Review Blog

May 07 2014

To the wild sky by Ivan Southall

cover image

Text Classic reprint. Text Publishing, 2014. ISBN 9781922147868.
(Age: 12+) Recommended. Thirteen years of age is too young to have to deal with a life threatening emergency but when an aircraft pilot dies from heart failure, a group of children on board are forced to respond.
Gerald, the son of a wealthy pastoralist invites a group of friends to a birthday party at the family sheep station and the group travels in a light aircraft from the town. The lad is much admired by two boys, Bruce and Colin, and a girl, Carol, who is smitten by him. Bruce's twin sister Janet dislikes both Gerald and Colin yet has been invited along with Colin's immature younger brother Mark, from politeness.
Having flown beside his father in the past, Gerald has had the chance to 'take the wheel' and has some rudimentary knowledge of flying which enables him to recover the aircraft when the pilot dies. Maintaining altitude, direction and adjusting engine speed are completely new to him however and his epic struggle to master these over five hours in the face of an enormous dust storm is brilliantly portrayed. The author was a wartime pilot and his knowledge of light aircraft operation enables him to describe the myriad interconnected factors and implications in a way which allows the reader to appreciate the enormity of the situation. The tension is excruciating as Gerald grapples with both the aeroplane and the almost intolerable responsibility to try to save those on board whilst the passengers impotently wrestle their personal terrors.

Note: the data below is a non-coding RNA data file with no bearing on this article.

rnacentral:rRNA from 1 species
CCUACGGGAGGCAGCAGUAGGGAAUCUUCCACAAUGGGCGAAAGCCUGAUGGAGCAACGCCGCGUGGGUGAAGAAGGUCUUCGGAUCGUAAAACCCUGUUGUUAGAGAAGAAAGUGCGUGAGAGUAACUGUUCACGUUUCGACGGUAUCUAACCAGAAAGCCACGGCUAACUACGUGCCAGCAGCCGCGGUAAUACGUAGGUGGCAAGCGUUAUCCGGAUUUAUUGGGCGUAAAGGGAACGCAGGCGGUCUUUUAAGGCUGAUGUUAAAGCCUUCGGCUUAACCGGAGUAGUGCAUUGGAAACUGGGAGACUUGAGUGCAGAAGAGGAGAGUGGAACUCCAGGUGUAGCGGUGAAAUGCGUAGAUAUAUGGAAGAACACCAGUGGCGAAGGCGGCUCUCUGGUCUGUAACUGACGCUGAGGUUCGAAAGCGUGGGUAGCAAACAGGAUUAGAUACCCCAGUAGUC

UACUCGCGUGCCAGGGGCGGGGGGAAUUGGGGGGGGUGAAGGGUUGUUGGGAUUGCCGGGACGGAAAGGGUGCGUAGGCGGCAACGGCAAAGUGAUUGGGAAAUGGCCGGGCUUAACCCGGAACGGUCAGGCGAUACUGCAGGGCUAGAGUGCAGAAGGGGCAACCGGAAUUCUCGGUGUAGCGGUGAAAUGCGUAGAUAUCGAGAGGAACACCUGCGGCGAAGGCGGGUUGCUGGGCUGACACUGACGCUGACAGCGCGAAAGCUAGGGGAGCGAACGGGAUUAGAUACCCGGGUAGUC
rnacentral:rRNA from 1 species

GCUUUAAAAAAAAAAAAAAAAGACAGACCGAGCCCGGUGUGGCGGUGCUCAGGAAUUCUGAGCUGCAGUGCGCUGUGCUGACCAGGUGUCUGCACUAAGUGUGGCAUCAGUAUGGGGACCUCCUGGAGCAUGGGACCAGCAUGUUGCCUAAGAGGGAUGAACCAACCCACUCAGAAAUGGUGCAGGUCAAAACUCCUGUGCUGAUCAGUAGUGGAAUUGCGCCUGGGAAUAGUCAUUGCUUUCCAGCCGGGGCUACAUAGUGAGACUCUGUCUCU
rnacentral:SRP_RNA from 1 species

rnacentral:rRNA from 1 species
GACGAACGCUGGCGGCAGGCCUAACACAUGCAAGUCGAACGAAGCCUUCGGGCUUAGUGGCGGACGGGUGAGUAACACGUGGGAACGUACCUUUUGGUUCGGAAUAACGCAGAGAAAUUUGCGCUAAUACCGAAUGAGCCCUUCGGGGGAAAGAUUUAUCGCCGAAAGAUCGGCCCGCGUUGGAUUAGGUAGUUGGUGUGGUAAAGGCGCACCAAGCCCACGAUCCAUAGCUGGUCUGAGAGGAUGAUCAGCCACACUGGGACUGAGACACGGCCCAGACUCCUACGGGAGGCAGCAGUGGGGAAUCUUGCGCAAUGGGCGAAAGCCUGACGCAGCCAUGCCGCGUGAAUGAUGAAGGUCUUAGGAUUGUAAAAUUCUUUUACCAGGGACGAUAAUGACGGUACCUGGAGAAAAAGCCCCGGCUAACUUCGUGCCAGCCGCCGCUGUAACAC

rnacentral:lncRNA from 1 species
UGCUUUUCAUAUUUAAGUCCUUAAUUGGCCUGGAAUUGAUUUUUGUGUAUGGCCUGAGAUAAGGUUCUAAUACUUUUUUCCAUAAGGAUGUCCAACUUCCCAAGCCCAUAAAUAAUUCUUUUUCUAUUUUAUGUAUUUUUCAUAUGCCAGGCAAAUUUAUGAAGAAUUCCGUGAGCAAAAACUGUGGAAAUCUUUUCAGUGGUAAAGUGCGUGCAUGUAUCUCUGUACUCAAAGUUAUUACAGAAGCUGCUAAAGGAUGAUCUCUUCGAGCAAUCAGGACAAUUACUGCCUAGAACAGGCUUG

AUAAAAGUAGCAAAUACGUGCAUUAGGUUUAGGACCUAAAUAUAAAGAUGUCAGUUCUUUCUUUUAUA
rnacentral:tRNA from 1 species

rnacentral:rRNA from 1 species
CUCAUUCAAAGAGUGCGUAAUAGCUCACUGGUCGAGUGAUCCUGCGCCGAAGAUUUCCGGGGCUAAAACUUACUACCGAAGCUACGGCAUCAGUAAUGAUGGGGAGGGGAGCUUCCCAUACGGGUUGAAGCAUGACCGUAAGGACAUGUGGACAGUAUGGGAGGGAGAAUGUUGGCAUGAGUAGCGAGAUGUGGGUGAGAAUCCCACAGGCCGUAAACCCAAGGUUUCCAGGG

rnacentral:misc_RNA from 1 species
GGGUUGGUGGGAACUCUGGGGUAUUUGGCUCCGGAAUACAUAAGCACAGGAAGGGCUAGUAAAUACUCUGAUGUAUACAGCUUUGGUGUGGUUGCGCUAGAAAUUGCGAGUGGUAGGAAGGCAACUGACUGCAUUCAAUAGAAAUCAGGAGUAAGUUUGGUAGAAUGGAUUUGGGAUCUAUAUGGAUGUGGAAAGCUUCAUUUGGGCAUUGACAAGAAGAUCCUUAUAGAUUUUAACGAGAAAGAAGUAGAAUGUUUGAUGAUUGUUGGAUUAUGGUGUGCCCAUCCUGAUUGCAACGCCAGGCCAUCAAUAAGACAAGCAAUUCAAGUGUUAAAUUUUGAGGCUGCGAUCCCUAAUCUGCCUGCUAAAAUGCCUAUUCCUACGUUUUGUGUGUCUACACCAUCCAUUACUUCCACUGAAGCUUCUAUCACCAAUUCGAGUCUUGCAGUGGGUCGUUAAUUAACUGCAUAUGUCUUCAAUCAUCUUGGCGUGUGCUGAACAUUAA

A crash landing with only minor injuries to those on board is an amazing outcome but the group's trials are only just beginning when they realise that they have no idea where they are and that the chance of rescue is minimal given that they have flown off course for many hours.
Different aspects of leadership, heroism, fortitude and initiative are explored in the events which follow and it is delightful to revisit a story from the sixties which remains solid and captivating for modern readers. Southall writes honestly and does not hold back from revealing gritty and confronting aspects to survival, including the description of what we now call Post-Traumatic Stress Disorder. The author was also way ahead of his time in promoting Indigenous pride and respecting the knowledge and skills which enabled survival in extreme environments. Some of the language and social propriety in the narrative is perfectly ridiculous under the circumstances and it is a shame that the convention of the time prevented him from using realistic dialogue. However this is an absolute must-read for those 12 years onwards who relish exciting survival stories.
Rob Welsh

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